Canada-based Minimaliste Houses knows a thing or two about building tiny homes that stand up to harsh winters, but even when charged with building a home for the California coast, the designers used many of the same principles to create an energy-efficient and durable structure. The 28 foot-long Eucalyptus tiny home is completely off-grid, relying on roof-top solar panels, tight thermal insulation and natural light to make the home completely self-sustaining.
When the builders were approached by a client who wanted a tiny home to live on the California coast, there’s no doubt that they felt it would be an easy project. However, the client also requested a structure that would have a strong resell value years down the line for potential buyers looking to live in a colder climate. This meant that the tiny house had to be durable to withstand various climates for years to come.
The result is a gorgeous, custom tiny home that boasts a timeless design for virtually any location. Completely off the grid, the structure generates its own power thanks to a large grid of 260-watt solar panels on the roof. The energy hub of the home is comprised of eight batteries and a 4,000-watt inverter to power the home’s electrical needs, including all of the kitchen appliances.
In addition to its energy efficiency, the tiny home has a fresh, modern aesthetic. The exterior is clad in white cedar panels, creating a contemporary cabin-like feel that continues through the interior. Inside, ultra high-ceilings add more space for the dual sleeping lofts and create room for people of above-average height. The floors and ceiling are also clad in wood panels that contrast nicely with the all-white walls.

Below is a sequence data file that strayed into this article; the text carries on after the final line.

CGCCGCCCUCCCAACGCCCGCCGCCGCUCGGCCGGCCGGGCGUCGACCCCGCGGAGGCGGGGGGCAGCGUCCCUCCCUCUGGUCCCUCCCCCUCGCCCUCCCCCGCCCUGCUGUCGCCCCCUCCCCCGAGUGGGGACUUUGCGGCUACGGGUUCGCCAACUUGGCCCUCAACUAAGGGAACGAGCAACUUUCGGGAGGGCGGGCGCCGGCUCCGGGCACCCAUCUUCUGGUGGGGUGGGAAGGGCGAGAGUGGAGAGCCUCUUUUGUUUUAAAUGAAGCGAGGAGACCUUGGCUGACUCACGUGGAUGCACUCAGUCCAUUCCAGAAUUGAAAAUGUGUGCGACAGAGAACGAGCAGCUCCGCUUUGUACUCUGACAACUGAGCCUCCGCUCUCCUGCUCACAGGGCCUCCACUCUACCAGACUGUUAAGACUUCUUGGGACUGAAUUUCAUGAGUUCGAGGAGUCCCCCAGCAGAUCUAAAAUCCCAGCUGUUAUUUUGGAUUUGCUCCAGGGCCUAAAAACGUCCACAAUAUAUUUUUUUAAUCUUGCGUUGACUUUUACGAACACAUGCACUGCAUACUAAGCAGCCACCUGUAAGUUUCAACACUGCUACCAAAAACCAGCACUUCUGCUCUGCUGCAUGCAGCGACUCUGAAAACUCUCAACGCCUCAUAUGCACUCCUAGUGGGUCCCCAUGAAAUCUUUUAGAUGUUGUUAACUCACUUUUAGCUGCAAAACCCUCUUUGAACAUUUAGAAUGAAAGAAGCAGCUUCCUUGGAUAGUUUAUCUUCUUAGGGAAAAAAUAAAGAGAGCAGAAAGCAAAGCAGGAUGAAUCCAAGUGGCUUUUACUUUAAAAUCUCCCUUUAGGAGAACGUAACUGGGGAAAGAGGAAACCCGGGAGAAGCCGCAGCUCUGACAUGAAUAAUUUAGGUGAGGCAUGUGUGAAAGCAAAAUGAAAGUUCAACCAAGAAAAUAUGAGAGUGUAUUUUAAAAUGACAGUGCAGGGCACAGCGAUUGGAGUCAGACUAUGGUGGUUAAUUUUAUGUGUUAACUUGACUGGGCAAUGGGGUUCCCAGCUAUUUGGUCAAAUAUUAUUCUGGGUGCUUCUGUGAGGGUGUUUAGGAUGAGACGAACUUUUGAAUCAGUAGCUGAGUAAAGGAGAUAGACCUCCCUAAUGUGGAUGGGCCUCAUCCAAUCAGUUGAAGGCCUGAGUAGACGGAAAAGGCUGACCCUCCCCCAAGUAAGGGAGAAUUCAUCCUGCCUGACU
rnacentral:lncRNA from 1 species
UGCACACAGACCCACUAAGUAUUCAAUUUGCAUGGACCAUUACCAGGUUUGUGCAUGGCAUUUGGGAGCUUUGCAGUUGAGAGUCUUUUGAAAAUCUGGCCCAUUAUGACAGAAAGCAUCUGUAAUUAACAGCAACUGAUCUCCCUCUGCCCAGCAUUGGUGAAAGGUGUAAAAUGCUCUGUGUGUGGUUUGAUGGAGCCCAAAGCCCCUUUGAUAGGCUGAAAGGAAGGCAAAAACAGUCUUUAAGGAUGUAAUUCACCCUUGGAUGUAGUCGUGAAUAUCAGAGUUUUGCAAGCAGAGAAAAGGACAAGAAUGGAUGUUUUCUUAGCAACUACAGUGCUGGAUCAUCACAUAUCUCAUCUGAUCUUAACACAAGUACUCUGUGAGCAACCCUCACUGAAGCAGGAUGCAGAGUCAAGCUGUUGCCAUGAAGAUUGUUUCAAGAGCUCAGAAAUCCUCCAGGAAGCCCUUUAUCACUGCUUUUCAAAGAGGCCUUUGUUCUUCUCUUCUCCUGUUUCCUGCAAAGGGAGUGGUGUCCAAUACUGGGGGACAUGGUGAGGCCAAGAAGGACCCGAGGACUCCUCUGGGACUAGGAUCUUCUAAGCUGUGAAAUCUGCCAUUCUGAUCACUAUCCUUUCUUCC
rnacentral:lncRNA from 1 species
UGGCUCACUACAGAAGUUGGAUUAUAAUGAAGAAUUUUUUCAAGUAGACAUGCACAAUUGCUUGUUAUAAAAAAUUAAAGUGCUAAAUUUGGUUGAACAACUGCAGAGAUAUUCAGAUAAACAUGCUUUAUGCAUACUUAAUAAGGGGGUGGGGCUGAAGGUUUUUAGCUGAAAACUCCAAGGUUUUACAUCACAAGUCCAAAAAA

The design is open and airy, with an abundance of natural light thanks to various large windows around the home. From the living room, a stairwell with hidden storage leads up to the main bedroom. A unique hand rail made of steel pipes adds an industrial touch to the design. On the other side of the living room is a loft area, which can be used as a reading space or guest room. The bathroom is compact, but there’s enough space for a large stand-up shower, combo washer and dryer and composting toilet.
At the heart of the home is the kitchen. Typically an area that is cramped and dark, the Eucalyptus’ kitchen is anything but. The U-shaped kitchen is lined with bamboo countertops that add extra space for the client, who loves to cook. There’s a large sink, propane oven and even a floor-to-ceiling pantry that slides out to provide plenty of storage for culinary staples.
Photography by JP Marquis via Minimaliste